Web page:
Powdered hair/wigs -- Unisex style worn from about 1760’s to 1820; after 1740 men were wearing shorter, simpler wigs and began to powder their own hair
Punk -- Usually short on top and styled with lotion to stand up off the head; often a mohawk fashion from forehead to nape; sometimes dyed bright neon colors of pink, purple, blue, orange etc.
Queue -- Pigtail, esp. that of a Chinese. (Chinese queue was braided) Men of Colonial America wore these as well, usually tied back with a ribbon and in some cases men wore a periwig styled with a queue
Roach -- Hair brushed into a roll
Sausage curl -- Long tube-like coils of hair; popular in early 1800’s; in the early 1970’s these were piled on top of the head in a cluster, esp. for formal dress for teens.
Shag -- Like a pixie, only long at the nape. Lengths vary from short to long layered cut; popular during the early 70’s
Skin heads -- Group of radical racist youths, men and women alike, who shaved their heads
Spaniel’s curls -- Late 1840’s into the 50’s; long thick curls worn by the ear (as worn by Elizabeth Barrette Browning)
Spit curls -- First seen in 1831; flat curls on women in front of the ear
Tonsure -- Shaven part of a monk or cleric’s head
Updo/upsweep -- Generic term for long hair styled high on top of head; hair might petaled (layered curls), barrel curled, arranged in a chignon, backcombed into a beehive or styled in French roll etc.
Wedge cut -- Also called Dorothy Hamill cut; short cut worn mostly by women; sides feathered off the face, back cut longer from the drown to the occipital bone, where its layered into a wedge; nape is trimmed close the head and short; a late ‘70’s and early 80’s style.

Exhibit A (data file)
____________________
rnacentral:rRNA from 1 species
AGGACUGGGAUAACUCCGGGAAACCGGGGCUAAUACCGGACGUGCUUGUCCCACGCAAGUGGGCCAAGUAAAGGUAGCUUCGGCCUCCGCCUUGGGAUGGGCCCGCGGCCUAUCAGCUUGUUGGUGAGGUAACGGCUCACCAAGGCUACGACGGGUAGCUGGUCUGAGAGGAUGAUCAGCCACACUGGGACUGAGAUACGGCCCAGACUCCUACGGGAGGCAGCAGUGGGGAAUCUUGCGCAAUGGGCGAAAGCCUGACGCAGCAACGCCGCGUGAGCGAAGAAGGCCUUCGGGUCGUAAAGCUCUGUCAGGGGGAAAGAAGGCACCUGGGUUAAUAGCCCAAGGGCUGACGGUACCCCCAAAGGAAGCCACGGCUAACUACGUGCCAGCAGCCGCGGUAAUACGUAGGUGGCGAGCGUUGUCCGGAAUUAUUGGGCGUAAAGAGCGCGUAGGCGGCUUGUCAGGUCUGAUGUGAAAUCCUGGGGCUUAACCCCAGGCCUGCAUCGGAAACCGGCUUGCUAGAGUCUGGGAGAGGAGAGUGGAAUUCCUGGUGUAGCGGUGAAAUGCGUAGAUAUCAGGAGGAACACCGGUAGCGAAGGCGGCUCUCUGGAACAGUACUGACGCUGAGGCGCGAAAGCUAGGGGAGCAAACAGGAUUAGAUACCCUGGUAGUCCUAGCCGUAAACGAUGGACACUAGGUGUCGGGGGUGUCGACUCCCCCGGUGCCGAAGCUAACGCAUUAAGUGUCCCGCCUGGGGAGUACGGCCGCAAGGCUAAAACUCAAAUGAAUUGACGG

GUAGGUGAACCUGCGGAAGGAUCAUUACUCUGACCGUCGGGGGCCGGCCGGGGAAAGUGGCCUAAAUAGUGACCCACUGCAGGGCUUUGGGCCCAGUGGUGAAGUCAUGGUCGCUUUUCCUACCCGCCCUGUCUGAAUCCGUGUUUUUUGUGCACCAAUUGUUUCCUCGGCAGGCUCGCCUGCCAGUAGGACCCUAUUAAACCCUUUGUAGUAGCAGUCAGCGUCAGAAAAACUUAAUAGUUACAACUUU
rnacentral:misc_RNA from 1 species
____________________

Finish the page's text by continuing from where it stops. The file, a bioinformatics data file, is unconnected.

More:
Do you see anything missing from this list? Are there modern styles we need to add? How do you decide what kind of hair to give your characters?
* * * * * *
Sharla Rae passed away earlier this year, but she (and her amazing lists) live on at WITS. She published four amazing historical romances. The latest, How To Fell a Timberman, is available on Amazon.
You can read more about her here.
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This is too, too perfect for me because one of the questions in the reader's guide at the end of my forthcoming novel QUEEN OF THE OWLS is about how HAIR is used to convey different aspects of what it means to be a woman!! The protagonist changes her hair to symbolize a change she wants to make in her life. Her less-tightly-wound sister is always letting her hair fall, effortlessly, to her shoulders. And so on. (You'll just have to read the book to know more.) As women, hair matters to us; we say something about who we are, through our hair choices. So this is a cool dictionary! Thank you!!
How cool, Barbara! That's sounds like a great story.